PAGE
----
PORTSMOUTH, Va. – Community members from all walks of life took to the streets in downtown Portsmouth Wednesday demanding change.
“We need change now,” chanted a group of more than 80 people.
The surging gun violence across the nation and in Hampton Roads has community activists like Darrell Redmond, 43, disgusted and tired. They’re now calling on Portsmouth city leaders to step up and take action to curb crime.
“The community is disgusted,” said Redmond, who organized the rally. “The City of Portsmouth is in a state of emergency right now.”
The rally comes after a violent Sunday in the city with three shootings within a four-hour span, including a double shooting wounding a teenager on Virginia Avenue and a homicide of a 38-year old man on Edwards Street. Another shooting on Dale Drive injured one person Sunday afternoon.
“We can take back our city,” Redmond said. “We can take back our community, but it starts with getting together, having a conversation, joining together and letting everybody know we’re here for one another.”
Each person shared their own personal story about gun violence.
Elliott Hill was released from jail just two weeks ago for a murder he said he didn’t commit. He was locked up for 24 years. At the rally, he had a message for parents and their children.
“I was 15 when I left,” Hill said. “You want your son to be me? Like the bro said, put your gun down and pick your kid up. How ‘bout that one?”
Chesapeake mother Monica Atkins made an emotional plea to anyone listening.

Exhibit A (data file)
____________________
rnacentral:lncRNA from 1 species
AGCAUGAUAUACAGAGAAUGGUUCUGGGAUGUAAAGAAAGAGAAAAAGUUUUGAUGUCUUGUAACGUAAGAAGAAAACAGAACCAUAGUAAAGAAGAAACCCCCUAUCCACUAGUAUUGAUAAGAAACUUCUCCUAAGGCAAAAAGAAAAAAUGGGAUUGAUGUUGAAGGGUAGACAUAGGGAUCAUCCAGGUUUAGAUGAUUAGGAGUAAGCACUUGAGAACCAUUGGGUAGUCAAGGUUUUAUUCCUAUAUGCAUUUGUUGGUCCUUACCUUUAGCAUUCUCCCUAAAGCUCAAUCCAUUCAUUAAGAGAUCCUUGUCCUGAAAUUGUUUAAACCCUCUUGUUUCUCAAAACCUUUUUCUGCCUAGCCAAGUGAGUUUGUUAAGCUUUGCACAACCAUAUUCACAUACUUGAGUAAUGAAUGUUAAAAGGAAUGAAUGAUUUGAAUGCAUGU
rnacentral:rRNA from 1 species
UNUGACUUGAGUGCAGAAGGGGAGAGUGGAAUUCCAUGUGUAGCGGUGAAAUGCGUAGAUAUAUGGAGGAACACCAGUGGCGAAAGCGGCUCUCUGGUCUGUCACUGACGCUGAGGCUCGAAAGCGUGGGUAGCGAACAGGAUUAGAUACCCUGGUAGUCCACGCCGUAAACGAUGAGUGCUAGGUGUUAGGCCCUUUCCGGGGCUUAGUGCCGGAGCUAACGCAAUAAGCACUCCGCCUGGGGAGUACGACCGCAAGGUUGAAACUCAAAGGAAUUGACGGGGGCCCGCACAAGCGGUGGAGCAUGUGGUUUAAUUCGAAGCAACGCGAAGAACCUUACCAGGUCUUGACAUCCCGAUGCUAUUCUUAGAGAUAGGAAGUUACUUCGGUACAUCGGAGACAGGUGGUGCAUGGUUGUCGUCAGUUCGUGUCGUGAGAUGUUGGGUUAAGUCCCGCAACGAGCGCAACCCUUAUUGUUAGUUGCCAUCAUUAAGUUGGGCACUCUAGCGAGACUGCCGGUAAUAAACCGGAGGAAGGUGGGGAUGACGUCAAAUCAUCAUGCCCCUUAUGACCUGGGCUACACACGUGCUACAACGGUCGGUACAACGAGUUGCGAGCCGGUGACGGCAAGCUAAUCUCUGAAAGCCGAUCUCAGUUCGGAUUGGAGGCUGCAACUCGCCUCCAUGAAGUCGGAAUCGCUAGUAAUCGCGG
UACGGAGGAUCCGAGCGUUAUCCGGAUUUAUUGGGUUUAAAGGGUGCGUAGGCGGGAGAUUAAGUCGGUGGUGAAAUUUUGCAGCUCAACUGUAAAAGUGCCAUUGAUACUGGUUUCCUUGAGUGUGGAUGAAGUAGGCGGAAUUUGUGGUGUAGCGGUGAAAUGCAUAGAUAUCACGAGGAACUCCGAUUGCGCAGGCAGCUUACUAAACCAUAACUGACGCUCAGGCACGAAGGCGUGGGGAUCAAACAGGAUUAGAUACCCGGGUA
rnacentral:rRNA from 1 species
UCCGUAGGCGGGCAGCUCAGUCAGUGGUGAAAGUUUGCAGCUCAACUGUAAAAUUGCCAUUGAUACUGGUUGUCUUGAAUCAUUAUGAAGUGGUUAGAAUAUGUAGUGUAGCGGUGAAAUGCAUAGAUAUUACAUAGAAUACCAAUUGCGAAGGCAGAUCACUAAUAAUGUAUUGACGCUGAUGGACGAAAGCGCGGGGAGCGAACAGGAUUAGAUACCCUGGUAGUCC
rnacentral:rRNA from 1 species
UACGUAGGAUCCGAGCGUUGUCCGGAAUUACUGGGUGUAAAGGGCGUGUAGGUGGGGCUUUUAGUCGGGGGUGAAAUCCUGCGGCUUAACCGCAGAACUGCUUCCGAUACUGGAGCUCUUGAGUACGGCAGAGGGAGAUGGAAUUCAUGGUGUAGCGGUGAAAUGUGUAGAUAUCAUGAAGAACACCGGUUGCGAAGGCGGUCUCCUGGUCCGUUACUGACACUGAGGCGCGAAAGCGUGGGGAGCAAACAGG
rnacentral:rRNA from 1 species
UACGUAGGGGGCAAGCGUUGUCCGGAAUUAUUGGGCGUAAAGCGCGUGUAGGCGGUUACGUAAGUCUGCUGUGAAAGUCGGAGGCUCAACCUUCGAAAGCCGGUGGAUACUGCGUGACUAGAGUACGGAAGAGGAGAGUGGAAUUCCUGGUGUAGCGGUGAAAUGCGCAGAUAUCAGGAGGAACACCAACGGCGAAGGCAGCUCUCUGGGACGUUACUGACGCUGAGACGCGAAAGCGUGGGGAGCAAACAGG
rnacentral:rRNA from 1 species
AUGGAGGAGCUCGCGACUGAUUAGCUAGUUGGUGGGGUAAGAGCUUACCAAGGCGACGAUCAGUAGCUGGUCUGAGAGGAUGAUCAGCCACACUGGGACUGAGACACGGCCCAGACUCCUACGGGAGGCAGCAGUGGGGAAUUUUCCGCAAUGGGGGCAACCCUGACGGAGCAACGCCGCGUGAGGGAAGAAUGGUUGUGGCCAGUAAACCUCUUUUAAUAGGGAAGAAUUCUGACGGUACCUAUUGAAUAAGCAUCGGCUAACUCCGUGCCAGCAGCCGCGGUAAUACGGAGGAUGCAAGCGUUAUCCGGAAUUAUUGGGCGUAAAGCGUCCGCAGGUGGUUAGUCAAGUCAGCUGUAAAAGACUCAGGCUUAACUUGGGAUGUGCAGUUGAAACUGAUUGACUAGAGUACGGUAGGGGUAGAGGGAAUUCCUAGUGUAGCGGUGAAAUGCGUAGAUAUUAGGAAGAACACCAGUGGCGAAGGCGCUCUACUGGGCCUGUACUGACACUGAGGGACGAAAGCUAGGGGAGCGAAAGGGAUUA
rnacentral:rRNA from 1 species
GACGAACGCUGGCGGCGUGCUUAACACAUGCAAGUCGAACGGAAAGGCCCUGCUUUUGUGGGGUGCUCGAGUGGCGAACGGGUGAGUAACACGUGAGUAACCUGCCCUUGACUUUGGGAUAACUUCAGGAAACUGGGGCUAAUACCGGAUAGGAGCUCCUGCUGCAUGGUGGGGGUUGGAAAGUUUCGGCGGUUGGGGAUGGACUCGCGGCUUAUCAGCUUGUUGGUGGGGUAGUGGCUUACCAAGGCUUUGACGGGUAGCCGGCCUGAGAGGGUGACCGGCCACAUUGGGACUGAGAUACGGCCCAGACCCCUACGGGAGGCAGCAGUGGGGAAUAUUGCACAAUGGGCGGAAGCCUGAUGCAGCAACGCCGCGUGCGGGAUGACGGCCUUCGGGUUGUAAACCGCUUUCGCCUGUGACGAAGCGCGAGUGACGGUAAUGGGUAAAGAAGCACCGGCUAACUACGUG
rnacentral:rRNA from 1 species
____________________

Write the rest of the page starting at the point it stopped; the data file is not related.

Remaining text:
“What is it going to take?” Atkins said. “How many kids are we going to have to lose? It’s not just about the men, no more. We losing the women and the babies as well."
Atkins lost her own son, 25-year-old Antonio Atkins, to gun violence in Portsmouth seven years ago. She’s now fighting on the front lines in the war against crime as the executive director of Stop the Violence 757.
“I’m out here with boots on the ground all the time,” Atkins said. “I serve 100% of my time to the City of Portsmouth but I live in Chesapeake, okay? When are y’all going to take a stand? And that city council mess, we don’t have six months. We don’t even have six minutes.”
The group marched in defiance of what they said is a slow response from city leaders to address gun violence. The city has created a coalition to reduce crime through prevention and intervention strategies. A spokesperson for the city said it could take six months to develop a plan.
“We don’t have six months,” Redmond said. “We don’t have six minutes; we don’t have six seconds.”
Councilman Chris Woodard Jr. stood in solidarity with the group helping to come up with a better, more timely solution. He was the only city representative at the rally Wednesday and said city leaders need to step up.
Woodard told News 3 the coalition is still in its early stages but agreed that six months is too long to address the rising gun violence.
“There’s no concrete plan right now,” he said. “We’re just unifying some of the grassroots groups to come up with a solution. That’s why I’m here.”
Community members said they need action now with more community policing, getting churches involved and opening rec centers to keep kids off the streets.
“That’s one thing we need to do is keep everybody busy and give them something to look forward to,” said Genoa Everett, a Portsmouth resident and former lieutenant with the Portsmouth Sheriff’s Office.
Redmond believes kids need more guidance from those they can relate to. He said he was able to turn his life around after serving 20 years in state prison for various crimes.
“Let's start with trying to utilize people that are like me that have been down the path, I have to have the influence and respect inside these communities; let’s utilize them,” he said. “I'm not saying the programs don't work; I'm not saying treatment don't work. I'm not saying the strategies don't work, but the people they have in place to implement it don't have a connection with the community, so it's never going to work.”